Mark McLaughlin looks at a case on the tax treatment for a professional consultant who sold his business.
It is common in many occupations and professions (e.g. law, medicine) for individuals to be engaged as self-employed consultants. Some consultants will build up their own practices before eventually selling them.
From a tax perspective, the question arises as to how the practice disposal proceeds should be treated. For example, is it an income or capital receipt? If capital, could anti-avoidance provisions apply to treat the capital receipt as income (and therefore potentially taxable at higher rates)? These issues were considered in Villar v Revenue and Customs  UKFTT 0117 (TC).
In that case, the taxpayer (a renowned orthopaedic surgeon) entered into an agreement with a company for the sale and purchase of the taxpayer’s business in March 2010. The taxpayer received £1 million upon completion. When submitting his self-assessment return for 2009/10, the taxpayer returned the £1 million payment as a capital receipt. Following an enquiry into the tax return, HM Revenue and Customs (HMRC) assessed the £1 million payment as income. The taxpayer appealed.
- That the payment was in fact revenue in nature, being effectively an advance for services provided and so subject to income tax;
- Alternatively, that even if the receipt was capital in law, it should be treated as income under anti-avoidance provisions (in ITA 2007, Pt 13, Ch 4) concerning ‘sales of occupation income’.
Income or Capital?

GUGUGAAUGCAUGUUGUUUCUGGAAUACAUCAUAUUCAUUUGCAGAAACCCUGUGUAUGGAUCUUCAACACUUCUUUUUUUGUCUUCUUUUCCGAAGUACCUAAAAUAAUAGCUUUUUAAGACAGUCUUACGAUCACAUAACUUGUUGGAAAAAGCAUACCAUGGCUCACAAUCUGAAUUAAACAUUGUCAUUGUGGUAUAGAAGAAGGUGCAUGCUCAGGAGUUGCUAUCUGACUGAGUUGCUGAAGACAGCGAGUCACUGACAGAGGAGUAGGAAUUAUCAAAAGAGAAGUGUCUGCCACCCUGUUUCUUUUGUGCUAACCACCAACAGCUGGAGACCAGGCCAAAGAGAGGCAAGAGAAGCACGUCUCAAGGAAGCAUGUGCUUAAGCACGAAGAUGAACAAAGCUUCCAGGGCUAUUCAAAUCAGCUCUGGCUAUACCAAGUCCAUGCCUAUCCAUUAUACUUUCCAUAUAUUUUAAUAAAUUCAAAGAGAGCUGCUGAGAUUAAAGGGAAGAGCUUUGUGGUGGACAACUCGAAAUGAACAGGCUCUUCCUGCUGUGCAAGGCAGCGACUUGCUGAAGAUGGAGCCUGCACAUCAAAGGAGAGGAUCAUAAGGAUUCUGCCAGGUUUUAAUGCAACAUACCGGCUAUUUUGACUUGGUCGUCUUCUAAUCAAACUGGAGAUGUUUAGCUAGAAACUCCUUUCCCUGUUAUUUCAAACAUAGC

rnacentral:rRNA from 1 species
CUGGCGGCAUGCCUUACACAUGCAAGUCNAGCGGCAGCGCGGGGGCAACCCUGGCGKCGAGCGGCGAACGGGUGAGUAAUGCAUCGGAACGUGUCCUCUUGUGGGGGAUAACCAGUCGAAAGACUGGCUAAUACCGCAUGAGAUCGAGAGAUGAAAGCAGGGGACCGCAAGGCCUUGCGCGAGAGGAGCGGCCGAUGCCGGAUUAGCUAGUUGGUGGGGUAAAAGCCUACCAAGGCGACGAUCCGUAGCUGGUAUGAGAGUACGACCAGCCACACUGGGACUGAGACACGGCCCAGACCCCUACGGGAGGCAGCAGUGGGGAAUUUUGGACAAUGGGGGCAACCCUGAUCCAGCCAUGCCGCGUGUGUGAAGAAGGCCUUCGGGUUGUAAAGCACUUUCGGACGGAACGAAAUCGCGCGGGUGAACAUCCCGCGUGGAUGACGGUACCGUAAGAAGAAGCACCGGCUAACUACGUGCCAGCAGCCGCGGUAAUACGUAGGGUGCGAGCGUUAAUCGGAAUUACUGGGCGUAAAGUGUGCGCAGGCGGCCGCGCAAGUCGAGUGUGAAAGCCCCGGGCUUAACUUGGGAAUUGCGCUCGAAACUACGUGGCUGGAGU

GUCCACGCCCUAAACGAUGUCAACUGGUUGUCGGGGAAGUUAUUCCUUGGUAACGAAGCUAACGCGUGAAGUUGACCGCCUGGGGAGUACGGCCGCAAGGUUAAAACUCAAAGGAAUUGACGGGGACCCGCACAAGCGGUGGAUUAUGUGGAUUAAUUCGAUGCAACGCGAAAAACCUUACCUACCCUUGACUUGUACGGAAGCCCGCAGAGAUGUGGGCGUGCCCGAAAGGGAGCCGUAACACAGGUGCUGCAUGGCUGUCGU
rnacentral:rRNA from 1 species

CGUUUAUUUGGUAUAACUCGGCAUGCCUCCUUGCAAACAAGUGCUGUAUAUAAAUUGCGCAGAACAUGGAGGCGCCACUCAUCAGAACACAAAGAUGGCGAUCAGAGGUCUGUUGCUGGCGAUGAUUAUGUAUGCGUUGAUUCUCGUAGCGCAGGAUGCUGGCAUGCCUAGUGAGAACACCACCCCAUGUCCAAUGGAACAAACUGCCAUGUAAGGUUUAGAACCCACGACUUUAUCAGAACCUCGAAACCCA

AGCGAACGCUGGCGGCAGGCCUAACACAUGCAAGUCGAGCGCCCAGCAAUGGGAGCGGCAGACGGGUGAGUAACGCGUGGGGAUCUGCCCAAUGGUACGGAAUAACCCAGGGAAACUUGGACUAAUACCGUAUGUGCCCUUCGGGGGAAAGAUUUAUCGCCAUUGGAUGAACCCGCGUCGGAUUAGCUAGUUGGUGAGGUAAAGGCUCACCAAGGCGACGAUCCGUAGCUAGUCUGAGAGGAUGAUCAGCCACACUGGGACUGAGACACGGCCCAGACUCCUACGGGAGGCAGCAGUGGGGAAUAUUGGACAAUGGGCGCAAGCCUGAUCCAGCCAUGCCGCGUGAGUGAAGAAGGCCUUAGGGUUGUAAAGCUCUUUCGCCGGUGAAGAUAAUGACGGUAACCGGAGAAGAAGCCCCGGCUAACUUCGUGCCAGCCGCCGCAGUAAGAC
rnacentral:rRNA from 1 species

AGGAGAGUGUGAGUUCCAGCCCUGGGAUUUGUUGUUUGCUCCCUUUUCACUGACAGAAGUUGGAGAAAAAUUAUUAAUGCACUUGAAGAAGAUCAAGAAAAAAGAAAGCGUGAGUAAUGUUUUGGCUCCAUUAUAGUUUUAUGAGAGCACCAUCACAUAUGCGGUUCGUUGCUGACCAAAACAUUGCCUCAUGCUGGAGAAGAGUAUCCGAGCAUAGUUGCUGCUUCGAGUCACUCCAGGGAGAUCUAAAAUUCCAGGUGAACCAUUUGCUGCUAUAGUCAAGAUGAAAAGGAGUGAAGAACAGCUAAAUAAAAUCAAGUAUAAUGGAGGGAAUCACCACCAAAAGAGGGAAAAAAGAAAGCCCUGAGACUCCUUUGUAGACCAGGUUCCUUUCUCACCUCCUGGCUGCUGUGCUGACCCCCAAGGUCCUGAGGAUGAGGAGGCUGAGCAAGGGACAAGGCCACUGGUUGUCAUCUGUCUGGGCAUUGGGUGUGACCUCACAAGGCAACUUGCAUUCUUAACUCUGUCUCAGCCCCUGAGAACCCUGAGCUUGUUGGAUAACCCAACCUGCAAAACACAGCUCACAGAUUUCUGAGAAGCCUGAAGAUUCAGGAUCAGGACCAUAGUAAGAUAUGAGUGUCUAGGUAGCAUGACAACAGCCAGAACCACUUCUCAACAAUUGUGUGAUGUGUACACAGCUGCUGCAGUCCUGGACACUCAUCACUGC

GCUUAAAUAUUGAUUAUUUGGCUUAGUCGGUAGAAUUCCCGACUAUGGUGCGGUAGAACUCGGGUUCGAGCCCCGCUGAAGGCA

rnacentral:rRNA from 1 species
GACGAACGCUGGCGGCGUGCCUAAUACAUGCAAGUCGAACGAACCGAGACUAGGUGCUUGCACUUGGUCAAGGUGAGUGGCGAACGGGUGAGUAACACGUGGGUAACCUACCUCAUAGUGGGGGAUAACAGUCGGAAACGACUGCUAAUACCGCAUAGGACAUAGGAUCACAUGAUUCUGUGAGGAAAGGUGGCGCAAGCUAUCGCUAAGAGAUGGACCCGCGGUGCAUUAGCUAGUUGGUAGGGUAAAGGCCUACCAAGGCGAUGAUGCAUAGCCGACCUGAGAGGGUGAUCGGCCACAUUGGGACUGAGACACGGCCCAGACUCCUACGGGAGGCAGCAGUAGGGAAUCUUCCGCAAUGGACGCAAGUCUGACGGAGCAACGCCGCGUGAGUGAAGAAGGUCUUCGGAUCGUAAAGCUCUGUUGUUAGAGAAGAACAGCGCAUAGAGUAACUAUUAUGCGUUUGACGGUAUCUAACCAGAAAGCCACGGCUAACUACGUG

The First-tier Tribunal noted that the taxpayer’s particular method of carrying on the business resulted in a book of customers which provided repeat business, and his name was capable of attracting customers, notwithstanding that not all medical services were provided by the taxpayer himself. By far the greater part of the value of the business was attributed to goodwill. The fact that much of the goodwill was connected with the taxpayer’s name, and the taxpayer continued to be known by that name, did not prevent him from having parted with the goodwill.
On HMRC’s argument (1), the tribunal concluded that the £1 million consideration received was a capital payment.
Sale of Occupation Income?
On HMRC’s argument (2) concerning the anti-avoidance rule, the first question was whether the arrangements the taxpayer entered into with the purchaser were ‘made to exploit the earning capacity of an individual in an occupation’, meaning the earning capacity of the taxpayer as an orthopaedic surgeon (ITA 2007 s 773(2)). The tribunal found it difficult to conclude that this pre-condition was met.
However, if it was met, the next question would be whether ‘one of the main objects of the…arrangements [was] the avoidance or reduction of liability to income tax’. The tribunal was not persuaded by HMRC's arguments on this point. The taxpayer's appeal was allowed.
HMRC’s principal argument in Villar was that the taxpayer had no business to sell, on the basis that the goodwill was personal to him. HMRC’s guidance (in its Capital Gains manual at CG68010) indicates that any goodwill attributable to an individual’s personal skills is not capable of transfer to another person. Consultants who are selling their businesses should consider such possible challenges by HMRC.
The above article was first published in Business Tax Insider (July 2019) (www.taxinsider.co.uk).